I WAS interested to read your article in the September 22 edition about Swellands Reservoir, sent to me recently by a relative.
Any measures to control the outflow from a reservoir are to be welcomed, especially so in that location, because it was the bursting of a dam just above the site of Swellands that caused the infamous Black Flood in Marsden nearly 200 years ago in which six lives were lost.
On the night of November 29, 1810, a torrent of black peaty water swept down Butterley Clough into the Wessenden Valley, demolishing a cottage at Bank Bottom.
The victims on that fateful night were Esther Schofield, her daughter Mary, aged eight months, her brothers Joseph Haigh, 14, and James, 12, and her niece Betty Schofield, three, daughter of her sister Hannah and Joseph Schofield of Puleside.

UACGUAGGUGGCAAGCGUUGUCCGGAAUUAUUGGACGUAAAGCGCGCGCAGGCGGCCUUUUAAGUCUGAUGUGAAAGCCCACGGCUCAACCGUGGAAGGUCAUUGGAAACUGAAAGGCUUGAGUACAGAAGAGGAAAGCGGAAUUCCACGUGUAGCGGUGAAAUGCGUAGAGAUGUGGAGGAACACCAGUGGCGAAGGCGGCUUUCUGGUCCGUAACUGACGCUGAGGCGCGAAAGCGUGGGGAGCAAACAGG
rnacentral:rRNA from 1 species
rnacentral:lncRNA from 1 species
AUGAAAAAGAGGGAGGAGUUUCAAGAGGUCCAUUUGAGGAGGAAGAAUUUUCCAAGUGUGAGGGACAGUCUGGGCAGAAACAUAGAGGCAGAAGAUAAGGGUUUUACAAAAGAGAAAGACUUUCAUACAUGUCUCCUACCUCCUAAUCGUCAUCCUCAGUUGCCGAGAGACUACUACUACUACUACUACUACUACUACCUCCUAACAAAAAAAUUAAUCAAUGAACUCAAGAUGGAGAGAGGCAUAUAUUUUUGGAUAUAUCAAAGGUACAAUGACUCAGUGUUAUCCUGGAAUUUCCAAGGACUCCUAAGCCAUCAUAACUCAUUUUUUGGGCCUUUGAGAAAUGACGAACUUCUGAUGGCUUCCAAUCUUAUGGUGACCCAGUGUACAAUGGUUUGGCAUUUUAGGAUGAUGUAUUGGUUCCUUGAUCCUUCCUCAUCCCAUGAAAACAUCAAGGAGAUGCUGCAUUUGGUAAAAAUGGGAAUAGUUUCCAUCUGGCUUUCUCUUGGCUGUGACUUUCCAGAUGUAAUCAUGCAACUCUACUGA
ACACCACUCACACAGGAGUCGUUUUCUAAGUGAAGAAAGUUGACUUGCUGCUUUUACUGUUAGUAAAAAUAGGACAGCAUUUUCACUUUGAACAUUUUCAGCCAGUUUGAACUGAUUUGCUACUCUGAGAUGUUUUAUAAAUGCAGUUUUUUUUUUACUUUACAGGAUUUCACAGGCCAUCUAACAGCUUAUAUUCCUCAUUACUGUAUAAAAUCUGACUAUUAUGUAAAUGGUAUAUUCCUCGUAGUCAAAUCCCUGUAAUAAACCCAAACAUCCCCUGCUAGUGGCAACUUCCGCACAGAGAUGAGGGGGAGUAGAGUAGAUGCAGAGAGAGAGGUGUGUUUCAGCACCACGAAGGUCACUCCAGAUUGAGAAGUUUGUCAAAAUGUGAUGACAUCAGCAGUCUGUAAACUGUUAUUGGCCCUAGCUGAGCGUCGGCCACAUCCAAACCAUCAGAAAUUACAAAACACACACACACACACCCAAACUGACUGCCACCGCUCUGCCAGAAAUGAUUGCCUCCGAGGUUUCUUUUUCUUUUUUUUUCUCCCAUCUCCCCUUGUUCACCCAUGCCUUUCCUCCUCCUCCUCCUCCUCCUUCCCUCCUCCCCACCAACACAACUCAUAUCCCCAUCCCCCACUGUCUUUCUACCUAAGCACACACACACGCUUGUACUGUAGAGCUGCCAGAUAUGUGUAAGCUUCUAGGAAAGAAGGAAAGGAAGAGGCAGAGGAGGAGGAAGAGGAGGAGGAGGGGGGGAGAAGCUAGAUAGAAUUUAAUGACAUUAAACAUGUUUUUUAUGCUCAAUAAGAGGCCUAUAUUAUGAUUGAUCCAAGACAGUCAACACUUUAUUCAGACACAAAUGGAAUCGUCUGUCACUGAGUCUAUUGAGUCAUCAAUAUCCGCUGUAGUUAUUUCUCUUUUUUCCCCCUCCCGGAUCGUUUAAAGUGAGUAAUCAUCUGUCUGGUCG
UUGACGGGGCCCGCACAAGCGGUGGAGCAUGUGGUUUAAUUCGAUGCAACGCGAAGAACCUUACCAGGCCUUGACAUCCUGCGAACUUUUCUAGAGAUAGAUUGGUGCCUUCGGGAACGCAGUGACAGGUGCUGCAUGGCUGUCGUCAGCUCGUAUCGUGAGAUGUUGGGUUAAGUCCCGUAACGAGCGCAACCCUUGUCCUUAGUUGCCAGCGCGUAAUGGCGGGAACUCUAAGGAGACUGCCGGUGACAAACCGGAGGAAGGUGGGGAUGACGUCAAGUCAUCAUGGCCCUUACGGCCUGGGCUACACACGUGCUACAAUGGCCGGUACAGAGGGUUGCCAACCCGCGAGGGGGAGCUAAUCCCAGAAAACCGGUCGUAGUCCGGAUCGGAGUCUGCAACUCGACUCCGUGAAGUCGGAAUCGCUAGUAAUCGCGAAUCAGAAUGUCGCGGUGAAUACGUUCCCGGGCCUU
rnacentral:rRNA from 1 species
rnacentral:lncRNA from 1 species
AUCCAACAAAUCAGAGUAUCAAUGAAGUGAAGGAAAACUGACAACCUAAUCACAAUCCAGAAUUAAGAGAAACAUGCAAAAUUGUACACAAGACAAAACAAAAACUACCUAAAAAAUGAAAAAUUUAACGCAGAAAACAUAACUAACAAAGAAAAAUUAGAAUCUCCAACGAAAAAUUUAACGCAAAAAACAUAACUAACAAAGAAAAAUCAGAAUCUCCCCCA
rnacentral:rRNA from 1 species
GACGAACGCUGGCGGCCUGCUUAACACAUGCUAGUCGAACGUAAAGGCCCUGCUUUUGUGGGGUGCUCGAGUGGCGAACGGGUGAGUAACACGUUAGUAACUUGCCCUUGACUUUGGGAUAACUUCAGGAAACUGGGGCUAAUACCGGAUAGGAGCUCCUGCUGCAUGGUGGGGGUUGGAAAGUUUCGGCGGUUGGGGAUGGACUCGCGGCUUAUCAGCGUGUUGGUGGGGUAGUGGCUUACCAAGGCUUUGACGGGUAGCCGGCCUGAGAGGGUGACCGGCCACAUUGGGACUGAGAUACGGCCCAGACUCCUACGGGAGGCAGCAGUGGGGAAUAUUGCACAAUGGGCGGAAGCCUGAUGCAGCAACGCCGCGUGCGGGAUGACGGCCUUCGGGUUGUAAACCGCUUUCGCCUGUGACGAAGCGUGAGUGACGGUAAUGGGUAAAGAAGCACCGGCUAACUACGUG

The sixth to be killed was the wife of a miller named Bamforth.
Papers of the Huddersfield Canal Company reveal that the culprit was Diggle Moss (now named Black Moss), which had a dam at its Diggle end and a lesser one at its Wessenden end. It was the latter that failed.
By 1825 Swillers reservoir, now known as Swellands, had been constructed below Diggle Moss on the Wessenden side, further work being done on it in 1860.
The Pennine Way passes near and I wonder whether any walkers are aware of the tragedy. Perhaps there should be a stone there, briefly telling the story of that place to wayfarers.